Erosion rates

This article is edited and drawn from:

Davies, B.J., 2022. Dating Glacial Landforms II: Radiometric Techniques, in: Haritashya, U. (Ed.), Treatise in Geomorphology (Second edition). Cryospheric Geomorphology. Elsevier, pp. 249-280. (link)

Weathering and denudation

Exposed surfaces will denude over time due to weathering and in situ breakdown of rock. The concentration of surface cosmogenic nuclides is sensitive to surface erosion (Gosse and Phillips, 2001).

Assuming that rock erosion rates are constant over time, cosmogenic nuclide data can be used to determine an erosion rate, because the concentration of 10Be at the surface of a steadily eroding outcrop surface is inversely proportional to the outcrop’s erosion rate (Balco et al., 2008; Gillespie and Bierman, 1995; Portenga et al., 2013).

Erosion rates calculated in this way are limited to rock outcrops and boulders. A detailed discussion of erosion rates is beyond the scope of this chapter. Here, this section focuses on the importance and significance of erosion rates for the production of surface exposure ages.

Erosion rates

Calculators require an erosion rate (cm yr-1 or mm kyr-1) to account for the impact of this on the surface exposure age (Granger et al., 2013). Typically low erosion rates of 0.5 to 2.5 mm kyr-1 for resistant lithologies in temperate regions will have little impact on samples younger than ~30 kyr (Balco, 2011; Davies et al., 2020; Gosse and Phillips, 2001).

Erosion rates are increasingly important for older deposits, even with low erosion rates of 1 mm kyr-1 (Hein et al., 2009). However, measured erosion rates are sparse in many regions, and may be spatially and temporally variable, as well as variable according to lithology sampled.

Practitioners presenting surface exposure ages should therefore present data with a zero erosion rate, providing a minimum age for the deposit, and one under a clearly reported constant, estimated rate of erosion that is appropriate for the regional climate and lithology (Darvill, 2013).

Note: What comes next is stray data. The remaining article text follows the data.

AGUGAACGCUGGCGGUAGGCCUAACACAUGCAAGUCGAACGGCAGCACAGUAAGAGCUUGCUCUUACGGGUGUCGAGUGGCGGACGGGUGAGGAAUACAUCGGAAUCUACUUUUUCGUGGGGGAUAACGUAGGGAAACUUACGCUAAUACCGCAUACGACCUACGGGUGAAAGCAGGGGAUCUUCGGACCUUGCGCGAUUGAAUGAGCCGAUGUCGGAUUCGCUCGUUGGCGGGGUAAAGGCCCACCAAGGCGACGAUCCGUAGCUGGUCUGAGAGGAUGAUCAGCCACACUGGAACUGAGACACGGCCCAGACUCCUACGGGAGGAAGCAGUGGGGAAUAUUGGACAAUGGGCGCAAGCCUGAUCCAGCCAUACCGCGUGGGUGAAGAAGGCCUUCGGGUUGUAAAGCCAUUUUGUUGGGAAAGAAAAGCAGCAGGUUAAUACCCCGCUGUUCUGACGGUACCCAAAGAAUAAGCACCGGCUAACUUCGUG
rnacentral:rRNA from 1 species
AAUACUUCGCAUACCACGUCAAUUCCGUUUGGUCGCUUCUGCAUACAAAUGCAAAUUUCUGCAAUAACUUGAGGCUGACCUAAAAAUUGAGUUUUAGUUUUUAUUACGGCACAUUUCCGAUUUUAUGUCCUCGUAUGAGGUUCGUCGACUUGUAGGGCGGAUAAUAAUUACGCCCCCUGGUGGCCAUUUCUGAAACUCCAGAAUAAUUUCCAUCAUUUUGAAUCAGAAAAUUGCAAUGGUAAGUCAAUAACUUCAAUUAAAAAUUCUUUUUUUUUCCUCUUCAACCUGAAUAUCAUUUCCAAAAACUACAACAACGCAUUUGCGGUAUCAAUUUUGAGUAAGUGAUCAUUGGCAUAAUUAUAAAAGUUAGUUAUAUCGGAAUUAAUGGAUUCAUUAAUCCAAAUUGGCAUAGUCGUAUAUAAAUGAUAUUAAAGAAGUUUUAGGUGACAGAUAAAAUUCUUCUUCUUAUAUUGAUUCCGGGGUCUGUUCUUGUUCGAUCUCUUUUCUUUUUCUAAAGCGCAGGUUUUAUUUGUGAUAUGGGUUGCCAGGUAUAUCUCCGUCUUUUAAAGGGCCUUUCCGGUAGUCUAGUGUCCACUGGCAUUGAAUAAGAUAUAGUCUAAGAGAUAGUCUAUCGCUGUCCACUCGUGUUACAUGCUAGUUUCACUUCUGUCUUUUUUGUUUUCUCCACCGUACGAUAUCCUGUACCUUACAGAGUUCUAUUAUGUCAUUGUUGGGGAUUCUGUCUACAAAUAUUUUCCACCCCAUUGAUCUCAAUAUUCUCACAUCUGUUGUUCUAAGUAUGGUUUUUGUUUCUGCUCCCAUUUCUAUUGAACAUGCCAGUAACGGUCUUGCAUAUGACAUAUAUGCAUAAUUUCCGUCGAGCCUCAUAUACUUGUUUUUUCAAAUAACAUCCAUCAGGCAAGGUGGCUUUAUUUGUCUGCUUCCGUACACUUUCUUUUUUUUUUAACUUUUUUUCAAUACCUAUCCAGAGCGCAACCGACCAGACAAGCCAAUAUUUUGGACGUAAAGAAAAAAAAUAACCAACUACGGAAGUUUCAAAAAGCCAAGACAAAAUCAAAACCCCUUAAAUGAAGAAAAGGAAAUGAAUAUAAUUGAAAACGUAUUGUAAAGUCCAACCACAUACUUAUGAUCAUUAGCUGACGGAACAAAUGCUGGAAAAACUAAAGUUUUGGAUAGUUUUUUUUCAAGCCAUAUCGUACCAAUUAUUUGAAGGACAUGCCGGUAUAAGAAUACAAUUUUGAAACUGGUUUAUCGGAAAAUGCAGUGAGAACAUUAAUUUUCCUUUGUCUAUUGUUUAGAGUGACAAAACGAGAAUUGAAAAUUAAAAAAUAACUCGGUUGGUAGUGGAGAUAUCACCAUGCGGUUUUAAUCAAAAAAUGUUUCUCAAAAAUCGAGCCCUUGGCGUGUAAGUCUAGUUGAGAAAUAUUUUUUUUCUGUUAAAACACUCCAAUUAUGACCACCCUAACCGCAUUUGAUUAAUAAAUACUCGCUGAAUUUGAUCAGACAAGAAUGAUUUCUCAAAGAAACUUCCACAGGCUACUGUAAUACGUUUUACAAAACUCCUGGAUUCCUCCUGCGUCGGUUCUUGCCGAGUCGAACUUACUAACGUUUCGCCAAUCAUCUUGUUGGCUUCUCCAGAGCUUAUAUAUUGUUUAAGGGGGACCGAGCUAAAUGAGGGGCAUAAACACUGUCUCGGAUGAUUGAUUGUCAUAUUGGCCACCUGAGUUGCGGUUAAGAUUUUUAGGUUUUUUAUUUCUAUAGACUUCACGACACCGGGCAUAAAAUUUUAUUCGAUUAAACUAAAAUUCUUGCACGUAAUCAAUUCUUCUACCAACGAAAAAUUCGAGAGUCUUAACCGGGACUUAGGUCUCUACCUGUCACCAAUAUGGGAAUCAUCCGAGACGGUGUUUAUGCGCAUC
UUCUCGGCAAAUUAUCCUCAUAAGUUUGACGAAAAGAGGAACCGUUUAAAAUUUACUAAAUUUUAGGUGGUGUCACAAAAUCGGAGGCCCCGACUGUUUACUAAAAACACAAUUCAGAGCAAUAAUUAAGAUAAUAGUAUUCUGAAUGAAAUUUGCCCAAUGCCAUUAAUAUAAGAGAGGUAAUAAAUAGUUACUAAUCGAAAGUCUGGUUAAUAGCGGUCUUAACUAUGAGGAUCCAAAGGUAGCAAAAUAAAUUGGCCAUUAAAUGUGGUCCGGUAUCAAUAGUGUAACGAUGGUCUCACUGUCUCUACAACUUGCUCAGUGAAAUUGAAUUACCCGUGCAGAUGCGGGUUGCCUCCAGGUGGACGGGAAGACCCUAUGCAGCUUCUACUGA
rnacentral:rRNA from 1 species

Typical rock erosion rates

Typical erosion rates were reviewed by Portenga and Bierman (2011), who compiled and normalized published 10Be erosion rate data (n = 1599).

They found that outcrops had a mean erosion rate of 12 ± 1.3 mm kyr-1, median 5.4 mm kyr-1, lower than the mean drainage basin erosion rate of 218 mm kyr-1. These rates varied according to climate zone, rock type and tectonic setting.

Erosion rates on sedimentary outcrops are typically 20 ± 2.0 mm kyr-1, metamorphic outcrops have a mean erosion rate of 11 ± 1.4 mm kyr-1, and igneous outcrops have a mean erosion rate of 8.7 ± 1.0 mm kyr-1.

Erosion rates of outcrops in polar climates have a mean of 3.9 ± 0.39 mm kyr-1, whilst temperate climates have a mean of 25 ± 2.5 mm kyr-1 (Portenga and Bierman, 2011).

Measurements on homogenous crystalline rocks have typically yielded low erosion rates of 0.2 mm kyr-1, with 1 mm kyr-1 for biotite-rich crystalline rocks, and 5 mm kyr-1 for carbonate sedimentary rocks (André, 2002).

Estimates of erosion rates on granite in temperate Patagonia include 1.4 mm kyr-1 (Kaplan et al., 2005), 0.049 ± 0.02 to 1.31 mm kyr-1 (Bourgois et al., 2016) and 0.2 mm kyr-1 (Douglass, 2007). Bedrock outcrop erosion rates from the central Appalachian Mountains produced mean ridgeline erosion rates of 9 mm kyr-1 (Portenga et al., 2013).

Sandstone erosion rates in Antarctica are mostly < 1 mm kyr-1 (Hein et al., 2016).

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